While the federal Department of Education cited the 1619 Project, it did not require its use. Republican lawmakers at state and federal levels around the country have brought efforts to ban the use of the 1619 Project in schools or cut funding for schools that teach it.
After Hamman spoke, Arntzen said “the external forces that board member Hammond is talking about, it's very relevant and very real.”
In an email Thursday, the executive director said the BPE chair said "it is our position that Board members can make statements during board meetings as individual opinion. Only action items are statements of the full Board of Public Education."
In Montana, school boards make decisions around curriculum and the Board of Public Education has the authority to set content standards.
Arntzen also said it is “incumbent upon all of us to resist” the federal government’s “intrusion,” and added she didn't want her comments to be construed as “political.”
The Office of Public Instruction is working with the Attorney General’s office on “multiple avenues,” Arntzen said, adding “I firmly believe that Montana is protected, but we can always do better.”
Earlier in the meeting, Arntzen referenced a school law conference to be scheduled for November. The conference would be for school leaders, teachers and “more importantly, for parents and businesses to understand what is happening in our public school system as we embrace innovation, but also are being very lawful,” Arntzen said.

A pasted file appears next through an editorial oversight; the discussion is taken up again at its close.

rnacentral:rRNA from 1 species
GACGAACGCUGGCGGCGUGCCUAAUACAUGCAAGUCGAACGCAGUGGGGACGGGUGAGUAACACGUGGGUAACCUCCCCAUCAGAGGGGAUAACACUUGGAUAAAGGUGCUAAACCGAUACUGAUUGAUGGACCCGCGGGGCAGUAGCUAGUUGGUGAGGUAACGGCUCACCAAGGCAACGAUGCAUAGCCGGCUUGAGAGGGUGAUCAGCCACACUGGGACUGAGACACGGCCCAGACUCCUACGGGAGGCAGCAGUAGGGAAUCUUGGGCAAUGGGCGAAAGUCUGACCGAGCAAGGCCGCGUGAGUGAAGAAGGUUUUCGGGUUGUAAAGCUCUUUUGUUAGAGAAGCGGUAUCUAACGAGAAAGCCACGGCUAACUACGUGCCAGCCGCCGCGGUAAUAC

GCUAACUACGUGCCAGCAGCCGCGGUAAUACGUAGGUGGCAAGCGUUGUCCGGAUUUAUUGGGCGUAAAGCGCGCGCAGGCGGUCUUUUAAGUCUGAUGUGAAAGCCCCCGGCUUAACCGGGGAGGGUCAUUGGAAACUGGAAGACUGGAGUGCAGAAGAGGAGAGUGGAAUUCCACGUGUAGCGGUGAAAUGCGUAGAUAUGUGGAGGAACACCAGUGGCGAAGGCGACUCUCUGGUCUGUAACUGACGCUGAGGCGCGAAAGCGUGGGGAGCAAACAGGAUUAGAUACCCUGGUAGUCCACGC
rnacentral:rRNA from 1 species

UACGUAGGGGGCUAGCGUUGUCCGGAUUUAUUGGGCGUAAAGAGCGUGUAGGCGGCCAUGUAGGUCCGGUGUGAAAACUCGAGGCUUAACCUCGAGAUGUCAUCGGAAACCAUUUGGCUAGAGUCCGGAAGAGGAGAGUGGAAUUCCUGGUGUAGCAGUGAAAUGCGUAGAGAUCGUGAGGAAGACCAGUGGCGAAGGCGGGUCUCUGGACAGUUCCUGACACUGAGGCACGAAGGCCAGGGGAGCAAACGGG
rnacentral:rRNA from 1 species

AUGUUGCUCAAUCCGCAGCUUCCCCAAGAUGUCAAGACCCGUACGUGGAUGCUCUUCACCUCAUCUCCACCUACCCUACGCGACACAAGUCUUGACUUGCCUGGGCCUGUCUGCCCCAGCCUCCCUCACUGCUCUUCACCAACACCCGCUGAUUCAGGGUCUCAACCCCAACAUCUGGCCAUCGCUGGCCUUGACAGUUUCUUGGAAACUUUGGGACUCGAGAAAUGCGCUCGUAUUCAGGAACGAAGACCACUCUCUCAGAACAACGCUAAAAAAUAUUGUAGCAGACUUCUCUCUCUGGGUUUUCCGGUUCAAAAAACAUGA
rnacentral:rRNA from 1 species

She continued: “Understanding that federal government may have overreach within our local control model and wanting to make sure ... that discrimination is not part of Montana, and we will not stand for it in our K-12 system.”
After the Attorney General's opinion was published, a group of people including educators and Democratic members of the state's American Indian Caucus, worried it would have a chilling effect on the state's constitutionally required Indian Education for All (IEFA) program, something Knudsen and Arntzen disputed.
Earlier Thursday, the Montana Historical Society, which operates programs that help Montana educators teach history, sent an email to educators addressing Knudsen's opinion.
The email said it's OK "to teach about racism, discrimination and other topics so long as no adverse or discriminatory actions are taken against any students as a part of the lesson, curricula or learning activity."
"Continue to teach history and IEFA. Continue to encourage respectful exchanges of ideas. Continue to treat all students fairly and with respect," the email read.
OPI and the Board of Public Education are also facing a lawsuit filed in July claiming the state agencies responsible for implementing the Indian Education for All program have failed to ensure comprehensive compliance statewide.
The lawsuit claims OPI does not require uniform reporting by school districts about what they're teaching to meet the Indian Education for All requirements or monitor how districts use funding appropriated by the Legislature for programs. It also claims OPI and the Board of Public Education don't monitor if Indian education is even being taught.